Legitimate Interests is Not a ‘Get Out of Jail’ Card
Draft Code reiterates what we already know, that Legitimate Interest is made up of 3 elements which must be considered carefully and may not justify direct marketing processing (p.34-on).
Some Consent Incentivisation is ok
Although consent must be freely given and not incentivised, the Draft Code specifically recognises that most direct marketing intrinsically offer some advantage to those who consent to it (e.g. discounts if you join a loyalty scheme) (p. 33).
Is it just a service message?
‘Service Messages’ are those sent to an individual for customer service or admin purposes and are not considered direct marketing. It is the tone, phrasing and context of the message that is key. If it has a neutral tone and is intended only to provide information to the individual, it is likely to be a service message. However, if the message contains any active promotion or encourages an individual to do something (such as an upgrade, take advantage of a special offer or use a specific service) it is likely to direct marketing.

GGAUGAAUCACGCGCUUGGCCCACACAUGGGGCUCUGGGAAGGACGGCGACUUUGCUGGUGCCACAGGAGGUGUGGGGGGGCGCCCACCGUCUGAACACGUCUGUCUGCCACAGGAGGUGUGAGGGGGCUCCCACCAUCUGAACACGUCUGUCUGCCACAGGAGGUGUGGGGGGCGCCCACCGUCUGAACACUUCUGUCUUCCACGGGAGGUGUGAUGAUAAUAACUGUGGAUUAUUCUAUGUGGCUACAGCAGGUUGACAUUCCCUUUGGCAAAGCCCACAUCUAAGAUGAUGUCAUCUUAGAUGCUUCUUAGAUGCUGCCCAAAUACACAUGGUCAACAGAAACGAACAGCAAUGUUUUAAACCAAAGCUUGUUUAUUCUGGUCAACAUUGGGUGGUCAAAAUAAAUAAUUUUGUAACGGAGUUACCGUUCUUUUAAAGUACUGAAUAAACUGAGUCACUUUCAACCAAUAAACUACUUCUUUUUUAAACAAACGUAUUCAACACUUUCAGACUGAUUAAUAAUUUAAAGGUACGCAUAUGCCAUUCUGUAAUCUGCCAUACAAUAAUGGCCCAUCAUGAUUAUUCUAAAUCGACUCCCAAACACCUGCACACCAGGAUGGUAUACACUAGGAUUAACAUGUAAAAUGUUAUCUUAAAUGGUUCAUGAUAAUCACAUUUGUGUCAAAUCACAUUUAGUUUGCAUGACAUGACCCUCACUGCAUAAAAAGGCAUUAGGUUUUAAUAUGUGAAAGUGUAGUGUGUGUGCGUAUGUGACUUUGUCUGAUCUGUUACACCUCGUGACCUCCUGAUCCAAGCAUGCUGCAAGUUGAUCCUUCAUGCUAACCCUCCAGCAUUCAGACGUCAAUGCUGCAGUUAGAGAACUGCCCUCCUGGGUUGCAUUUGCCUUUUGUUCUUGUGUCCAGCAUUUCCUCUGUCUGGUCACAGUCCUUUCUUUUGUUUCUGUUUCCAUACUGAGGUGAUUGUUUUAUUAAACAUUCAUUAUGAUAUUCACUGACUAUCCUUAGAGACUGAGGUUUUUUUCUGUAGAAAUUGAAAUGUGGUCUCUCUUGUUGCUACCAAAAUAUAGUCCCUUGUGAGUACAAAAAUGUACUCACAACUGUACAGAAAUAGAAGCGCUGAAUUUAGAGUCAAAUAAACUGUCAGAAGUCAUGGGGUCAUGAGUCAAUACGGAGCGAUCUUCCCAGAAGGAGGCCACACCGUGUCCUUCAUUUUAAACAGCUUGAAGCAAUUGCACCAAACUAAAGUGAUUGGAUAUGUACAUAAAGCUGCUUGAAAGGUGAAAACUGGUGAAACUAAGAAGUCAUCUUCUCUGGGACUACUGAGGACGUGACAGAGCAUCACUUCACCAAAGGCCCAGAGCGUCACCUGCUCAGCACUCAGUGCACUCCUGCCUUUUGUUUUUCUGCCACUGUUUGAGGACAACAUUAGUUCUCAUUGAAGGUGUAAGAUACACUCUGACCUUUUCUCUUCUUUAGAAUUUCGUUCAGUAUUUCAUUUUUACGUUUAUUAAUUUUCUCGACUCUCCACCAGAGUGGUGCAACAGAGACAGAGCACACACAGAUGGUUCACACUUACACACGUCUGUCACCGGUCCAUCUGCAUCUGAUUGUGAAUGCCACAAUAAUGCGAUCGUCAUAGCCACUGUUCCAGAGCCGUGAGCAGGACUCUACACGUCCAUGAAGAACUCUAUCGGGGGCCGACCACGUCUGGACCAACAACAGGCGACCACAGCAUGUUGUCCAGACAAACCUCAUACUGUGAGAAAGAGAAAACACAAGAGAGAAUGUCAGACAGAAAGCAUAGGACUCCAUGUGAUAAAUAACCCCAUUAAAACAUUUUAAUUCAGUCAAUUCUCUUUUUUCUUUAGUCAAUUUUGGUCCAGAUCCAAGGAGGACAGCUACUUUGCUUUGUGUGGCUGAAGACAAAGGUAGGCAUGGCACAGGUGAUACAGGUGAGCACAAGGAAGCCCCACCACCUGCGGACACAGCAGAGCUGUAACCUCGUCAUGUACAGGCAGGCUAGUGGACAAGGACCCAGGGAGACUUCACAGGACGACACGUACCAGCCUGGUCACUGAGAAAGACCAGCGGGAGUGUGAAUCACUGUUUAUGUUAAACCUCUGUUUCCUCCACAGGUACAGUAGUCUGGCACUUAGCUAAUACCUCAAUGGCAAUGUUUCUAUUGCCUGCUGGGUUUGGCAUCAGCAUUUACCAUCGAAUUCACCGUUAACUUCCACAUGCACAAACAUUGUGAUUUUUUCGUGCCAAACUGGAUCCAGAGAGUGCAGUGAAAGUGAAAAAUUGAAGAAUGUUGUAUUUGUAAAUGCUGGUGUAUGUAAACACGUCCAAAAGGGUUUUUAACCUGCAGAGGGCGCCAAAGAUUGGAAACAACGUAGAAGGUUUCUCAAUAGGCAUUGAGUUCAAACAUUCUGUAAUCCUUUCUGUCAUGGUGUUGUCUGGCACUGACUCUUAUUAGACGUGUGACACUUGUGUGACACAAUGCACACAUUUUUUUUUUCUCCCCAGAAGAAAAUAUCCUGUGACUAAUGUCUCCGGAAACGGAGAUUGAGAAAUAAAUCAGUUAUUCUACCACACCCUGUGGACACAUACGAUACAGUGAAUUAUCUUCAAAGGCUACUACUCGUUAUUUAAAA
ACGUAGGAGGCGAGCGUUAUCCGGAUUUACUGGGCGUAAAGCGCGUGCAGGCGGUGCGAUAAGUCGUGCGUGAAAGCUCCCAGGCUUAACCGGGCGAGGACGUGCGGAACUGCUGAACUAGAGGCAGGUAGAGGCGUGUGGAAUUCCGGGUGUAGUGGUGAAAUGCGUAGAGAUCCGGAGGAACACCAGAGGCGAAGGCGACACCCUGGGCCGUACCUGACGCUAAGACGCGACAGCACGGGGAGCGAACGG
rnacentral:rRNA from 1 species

The draft code reiterates the ICO’s current guidance that if a service message includes elements that are direct marketing then the direct marketing rules apply to that message, even when it is not the main purpose of the message (P19-20).
Buyer (or Renter) of Marketing Data Beware!
The Draft Codes makes it very clear that the purchaser / renter of data must undertake extensive due diligence on the data and its provider (p.52-54). If, indeed, there’s much 3rd party data left to buy or rent (see below).
NB And if your contact centre is in the business of creating, selling or brokering of 3rd party data lists then prepare for some big changes down the line. This sector will be subject to potentially very disruptive challenges (p.99 onwards).
The End of Traditional ‘Member Get Member’ Schemes